• The 11 British North America Acts:  It is actually BNA 1871 that confirmed Manitoba in the Constitution, as the British retained more control over Canadian law than they granted to the subsidiary governments on this side of the Atlantic. While Part VI of BNA 1867 (Sections 91-95 of the Canadian Constitution) created separate jurisdiction for federal and provincial responsibility, that limitation didn't apply to the British who could legislate at any level they wished - including the Canadian Constitution which only the British government could amend.
  • Statute of Westminster 1931 - this is when Britain granted several of its colonies, including Canada, the ability to have foreign policy. Technically Canada never declared war during the First World War, and "Canadians" participated in that war as British Subjects.
  • Canada Act 1982 : This is where the British terminated their power to legislate for Canada.  This is the (most likely) final British amendment to Canada's Constitution, and the creation of a new amending formula allowing governments on this side of the Atlantic to amend the Canadian Constitution.

    SCHEDULE B, Part I, is the new Canadian Charter of Rights and Freedoms.

    While the existing Constitution sections 91-95 clarified jurisdiction for federal and provincial governments, the new Constitution section 35 as well as Charter section 25 clarified jurisdiction and rights for Indigenous governments.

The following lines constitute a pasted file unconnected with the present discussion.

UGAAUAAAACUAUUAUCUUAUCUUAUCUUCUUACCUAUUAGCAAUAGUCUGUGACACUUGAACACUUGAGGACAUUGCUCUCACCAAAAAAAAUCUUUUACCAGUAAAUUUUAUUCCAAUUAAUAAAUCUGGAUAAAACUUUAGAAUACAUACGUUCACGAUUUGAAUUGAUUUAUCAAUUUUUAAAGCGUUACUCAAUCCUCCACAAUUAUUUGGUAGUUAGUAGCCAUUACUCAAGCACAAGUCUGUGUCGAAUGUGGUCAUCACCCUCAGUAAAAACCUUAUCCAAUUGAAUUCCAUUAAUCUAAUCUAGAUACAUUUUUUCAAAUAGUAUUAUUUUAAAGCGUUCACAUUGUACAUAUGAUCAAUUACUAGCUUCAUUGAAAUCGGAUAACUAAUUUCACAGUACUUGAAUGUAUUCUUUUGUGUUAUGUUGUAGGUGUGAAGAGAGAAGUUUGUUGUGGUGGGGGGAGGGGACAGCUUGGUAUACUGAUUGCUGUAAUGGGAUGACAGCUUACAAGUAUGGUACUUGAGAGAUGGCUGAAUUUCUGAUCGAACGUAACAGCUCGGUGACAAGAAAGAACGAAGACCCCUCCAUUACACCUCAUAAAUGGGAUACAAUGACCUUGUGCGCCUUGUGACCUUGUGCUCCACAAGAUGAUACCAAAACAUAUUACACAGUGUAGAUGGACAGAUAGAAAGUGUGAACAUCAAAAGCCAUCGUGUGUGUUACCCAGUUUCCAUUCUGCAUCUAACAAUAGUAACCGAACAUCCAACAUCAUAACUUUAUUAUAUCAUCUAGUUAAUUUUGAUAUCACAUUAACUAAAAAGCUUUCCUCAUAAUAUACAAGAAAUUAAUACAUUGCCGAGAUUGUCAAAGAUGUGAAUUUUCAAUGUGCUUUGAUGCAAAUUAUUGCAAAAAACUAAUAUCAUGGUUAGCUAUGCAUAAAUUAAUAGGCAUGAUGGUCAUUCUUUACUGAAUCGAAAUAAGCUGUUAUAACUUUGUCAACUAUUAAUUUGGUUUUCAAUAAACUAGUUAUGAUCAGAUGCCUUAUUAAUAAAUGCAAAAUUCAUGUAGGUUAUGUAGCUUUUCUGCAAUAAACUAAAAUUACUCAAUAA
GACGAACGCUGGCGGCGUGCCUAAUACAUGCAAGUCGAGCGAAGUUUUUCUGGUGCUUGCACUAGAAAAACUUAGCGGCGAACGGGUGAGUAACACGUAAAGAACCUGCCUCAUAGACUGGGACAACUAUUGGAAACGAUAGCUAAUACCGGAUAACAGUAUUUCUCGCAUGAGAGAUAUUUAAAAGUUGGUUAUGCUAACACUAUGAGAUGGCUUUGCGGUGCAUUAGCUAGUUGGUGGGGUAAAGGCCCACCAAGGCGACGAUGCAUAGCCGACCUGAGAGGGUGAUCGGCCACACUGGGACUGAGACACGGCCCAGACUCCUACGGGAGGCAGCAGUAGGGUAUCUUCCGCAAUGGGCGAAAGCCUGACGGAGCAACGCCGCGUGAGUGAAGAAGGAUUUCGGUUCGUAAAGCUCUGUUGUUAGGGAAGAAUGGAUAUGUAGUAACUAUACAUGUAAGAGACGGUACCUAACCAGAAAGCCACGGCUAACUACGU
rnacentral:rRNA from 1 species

If you don't yet know what the Royal Proclamation 1763, Treaty of Niagara 1764, or the Quebec Act 1774 is, then you don't yet know the foundations of Canada or Canadian law.

Government jurisdiction

This origin story of Canada, which we should all have been taught, is critically important to understanding what happened.

I discussed earlier that there weren't mandates (to vaccinate, wear masks, "lock down", etc) that were targeted at individuals, only workplaces. Individual rights were not being restricted as no individual has a right to enter other people's homes or workplace and ignore policies set for those locations.
Multiple levels of government have created workplace and other health and safety policy relating to the current COVID pandemic: provincial (municipal), federal (Indian Act band councils), and Indigenous governments.

I use brackets in the above as the constitution separates jurisdictional powers between Canadian Federal, Canadian Provincial, and Indigenous governments. Municipal governments are provincially created and regulated corporations, and Indian Act band councils are federally created/regulated entities. These are not independent levels of responsible government, but bodies responsible to the level of government which created and regulates them.